His father was particularly fond of the society of men of education and intelligence; and his hospitable house was the wellknown resort of gentlemen of this character. To no one of the family were they more welcome, than to his son. Even at this very early period of life, while listening to their conversation on the character of the great men of the age, both in the colonies and in Europe, a deep and lasting impression was made upon hiş mind; and he then formed a settled resolution, that he would make every effort in his power to equal those, whose talents and character he had heard so highly extolled.

In his twelfth year, he went to Middletown, for the purpose of pursuing his studies, under the late Rev. Enoch Huntington, a gentleman of high classical attainments. He boarded in the family, and devoted himself to his books with unusual assiduity and success. Not content with the time regularly allotted to study in the school, he spent most of his leisure hours at home in intense application. So entirely was his mind absorbed by his books, that it was no uncommon thing for the members of the family to pass through his room, and even to call him by name, without being perceived by him. During his residence at Middletown, his conduct was marked with the strictest propriety, his manners were amiable and affectionate, his attention to his studies was intense and unremitted, and his progress in them rapid and honourable. When he left Middletown, he had acquired a very accurate knowledge of the Latin and Greek languages; and had read not only those classical authors which were necessary for admission into College, but those also which were studied during the two first years of a collegiate life.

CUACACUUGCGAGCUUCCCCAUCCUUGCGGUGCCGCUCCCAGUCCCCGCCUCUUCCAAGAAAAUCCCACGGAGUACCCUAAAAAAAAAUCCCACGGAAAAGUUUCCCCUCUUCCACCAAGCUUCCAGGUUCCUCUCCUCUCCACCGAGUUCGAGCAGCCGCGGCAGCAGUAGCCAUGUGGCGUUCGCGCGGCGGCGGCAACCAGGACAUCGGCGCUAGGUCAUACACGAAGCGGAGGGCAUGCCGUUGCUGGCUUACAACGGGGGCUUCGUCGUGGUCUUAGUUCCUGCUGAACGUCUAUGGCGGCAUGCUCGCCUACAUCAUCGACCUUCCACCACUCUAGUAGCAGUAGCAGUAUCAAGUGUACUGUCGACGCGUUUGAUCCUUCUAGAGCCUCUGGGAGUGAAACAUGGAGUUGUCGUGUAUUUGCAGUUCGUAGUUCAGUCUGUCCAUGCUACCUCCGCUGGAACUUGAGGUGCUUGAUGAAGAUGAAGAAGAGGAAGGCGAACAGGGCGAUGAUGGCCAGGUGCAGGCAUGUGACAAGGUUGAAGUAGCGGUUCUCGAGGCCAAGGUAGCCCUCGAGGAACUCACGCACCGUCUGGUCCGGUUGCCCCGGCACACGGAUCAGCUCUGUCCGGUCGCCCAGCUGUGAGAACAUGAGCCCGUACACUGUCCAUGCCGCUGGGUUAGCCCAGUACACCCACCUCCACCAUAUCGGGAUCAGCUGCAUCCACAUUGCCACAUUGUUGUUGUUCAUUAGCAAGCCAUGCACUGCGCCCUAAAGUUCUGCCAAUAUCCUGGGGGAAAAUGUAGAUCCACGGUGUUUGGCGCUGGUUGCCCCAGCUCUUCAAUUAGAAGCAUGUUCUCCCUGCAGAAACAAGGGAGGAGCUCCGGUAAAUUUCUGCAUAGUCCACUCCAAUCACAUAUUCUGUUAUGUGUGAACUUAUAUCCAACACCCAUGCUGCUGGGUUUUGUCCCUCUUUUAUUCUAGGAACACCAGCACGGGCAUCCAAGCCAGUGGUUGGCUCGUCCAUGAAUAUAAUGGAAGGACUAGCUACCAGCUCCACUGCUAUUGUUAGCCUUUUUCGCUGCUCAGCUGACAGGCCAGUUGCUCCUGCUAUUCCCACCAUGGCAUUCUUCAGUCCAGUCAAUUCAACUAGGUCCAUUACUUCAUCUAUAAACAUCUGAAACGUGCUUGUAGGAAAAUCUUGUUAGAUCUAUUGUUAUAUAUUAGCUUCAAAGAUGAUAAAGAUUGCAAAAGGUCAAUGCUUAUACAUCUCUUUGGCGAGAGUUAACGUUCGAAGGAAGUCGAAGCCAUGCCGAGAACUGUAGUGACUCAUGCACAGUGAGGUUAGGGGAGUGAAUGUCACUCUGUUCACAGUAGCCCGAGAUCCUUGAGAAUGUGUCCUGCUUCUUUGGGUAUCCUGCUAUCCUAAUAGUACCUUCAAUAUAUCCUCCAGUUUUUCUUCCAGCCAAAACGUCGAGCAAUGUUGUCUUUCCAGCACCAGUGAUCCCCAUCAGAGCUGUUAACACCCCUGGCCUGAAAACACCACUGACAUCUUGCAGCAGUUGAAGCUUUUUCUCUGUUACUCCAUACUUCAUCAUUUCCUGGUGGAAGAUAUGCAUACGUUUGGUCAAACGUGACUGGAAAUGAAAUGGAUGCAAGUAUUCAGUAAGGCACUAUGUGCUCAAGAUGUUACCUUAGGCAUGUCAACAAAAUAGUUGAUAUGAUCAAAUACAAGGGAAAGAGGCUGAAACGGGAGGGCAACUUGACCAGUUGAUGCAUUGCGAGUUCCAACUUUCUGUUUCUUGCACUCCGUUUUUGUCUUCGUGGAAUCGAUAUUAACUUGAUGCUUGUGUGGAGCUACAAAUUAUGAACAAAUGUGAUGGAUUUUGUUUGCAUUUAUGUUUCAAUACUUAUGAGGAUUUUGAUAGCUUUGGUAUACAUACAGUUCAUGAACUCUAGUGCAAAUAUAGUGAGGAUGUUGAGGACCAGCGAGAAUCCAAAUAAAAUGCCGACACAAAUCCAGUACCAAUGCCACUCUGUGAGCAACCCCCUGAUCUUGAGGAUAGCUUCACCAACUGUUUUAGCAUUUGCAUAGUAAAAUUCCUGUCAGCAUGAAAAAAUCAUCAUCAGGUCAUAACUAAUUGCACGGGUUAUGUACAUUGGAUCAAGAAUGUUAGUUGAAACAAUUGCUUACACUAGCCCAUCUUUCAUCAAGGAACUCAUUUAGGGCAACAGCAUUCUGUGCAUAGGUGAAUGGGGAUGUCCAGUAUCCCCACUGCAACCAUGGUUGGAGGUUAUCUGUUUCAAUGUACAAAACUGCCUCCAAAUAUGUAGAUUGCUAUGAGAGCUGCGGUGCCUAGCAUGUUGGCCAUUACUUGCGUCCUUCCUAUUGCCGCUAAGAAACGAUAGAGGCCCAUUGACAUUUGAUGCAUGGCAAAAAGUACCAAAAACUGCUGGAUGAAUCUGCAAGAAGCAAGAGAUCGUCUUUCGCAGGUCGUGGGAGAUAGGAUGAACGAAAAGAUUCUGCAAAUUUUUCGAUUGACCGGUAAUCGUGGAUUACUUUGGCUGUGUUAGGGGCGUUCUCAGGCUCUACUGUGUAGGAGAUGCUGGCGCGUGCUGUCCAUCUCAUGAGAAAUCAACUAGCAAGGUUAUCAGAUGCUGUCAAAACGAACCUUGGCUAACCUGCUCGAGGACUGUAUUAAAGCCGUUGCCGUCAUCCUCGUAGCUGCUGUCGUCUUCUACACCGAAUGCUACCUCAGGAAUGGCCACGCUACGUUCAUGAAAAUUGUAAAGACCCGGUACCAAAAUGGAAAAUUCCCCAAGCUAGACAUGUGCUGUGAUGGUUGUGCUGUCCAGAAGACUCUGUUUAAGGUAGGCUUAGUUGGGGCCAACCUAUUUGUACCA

In September, 1765, when he had just passed his thirteenth year, he was admitted as a member of Yale College. At that time, unfortunately, the freshman class had no stated tutor; but were dependant for their instruction, sometimes upon one officer of college, and sometimes upon another: a state of things too irregular and unsettled to produce any substantial benefit to the pupil. During the winter, he had the misfortune to break his arm; and, for several months in the spring and summer, he was prevented by sickness from pursuing his studies. Near the close of the Collegiate year, President Clap resigned his office; and the students for a short time were dispersed: a series of calamities, by which the year was in a considerable measure lost to him as a student. The discipline of College had been for several years chiefly annihilated, Loose opinions on morals and religion, prevailed ex